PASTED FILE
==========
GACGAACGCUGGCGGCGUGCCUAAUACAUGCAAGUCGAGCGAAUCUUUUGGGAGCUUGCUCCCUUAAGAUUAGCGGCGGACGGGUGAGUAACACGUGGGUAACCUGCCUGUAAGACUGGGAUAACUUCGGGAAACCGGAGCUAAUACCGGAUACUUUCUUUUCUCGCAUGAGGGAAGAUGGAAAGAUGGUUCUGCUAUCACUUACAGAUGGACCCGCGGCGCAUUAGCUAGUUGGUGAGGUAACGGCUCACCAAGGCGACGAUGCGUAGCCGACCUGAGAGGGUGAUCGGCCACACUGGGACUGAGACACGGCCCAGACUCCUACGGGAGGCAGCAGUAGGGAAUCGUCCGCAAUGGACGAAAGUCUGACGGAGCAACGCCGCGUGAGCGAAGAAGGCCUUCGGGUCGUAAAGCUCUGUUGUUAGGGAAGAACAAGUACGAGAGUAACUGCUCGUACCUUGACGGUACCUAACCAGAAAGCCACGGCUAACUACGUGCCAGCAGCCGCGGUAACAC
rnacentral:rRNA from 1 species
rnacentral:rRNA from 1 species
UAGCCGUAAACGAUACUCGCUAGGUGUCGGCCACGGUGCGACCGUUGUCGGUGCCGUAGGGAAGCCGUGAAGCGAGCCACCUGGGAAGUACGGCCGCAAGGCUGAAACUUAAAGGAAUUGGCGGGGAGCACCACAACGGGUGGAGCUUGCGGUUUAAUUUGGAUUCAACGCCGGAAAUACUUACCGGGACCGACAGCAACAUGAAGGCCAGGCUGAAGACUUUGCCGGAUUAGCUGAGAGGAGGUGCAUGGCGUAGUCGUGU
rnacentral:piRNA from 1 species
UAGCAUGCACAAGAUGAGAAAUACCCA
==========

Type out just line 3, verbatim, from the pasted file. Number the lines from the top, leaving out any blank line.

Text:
rnacentral:rRNA from 1 species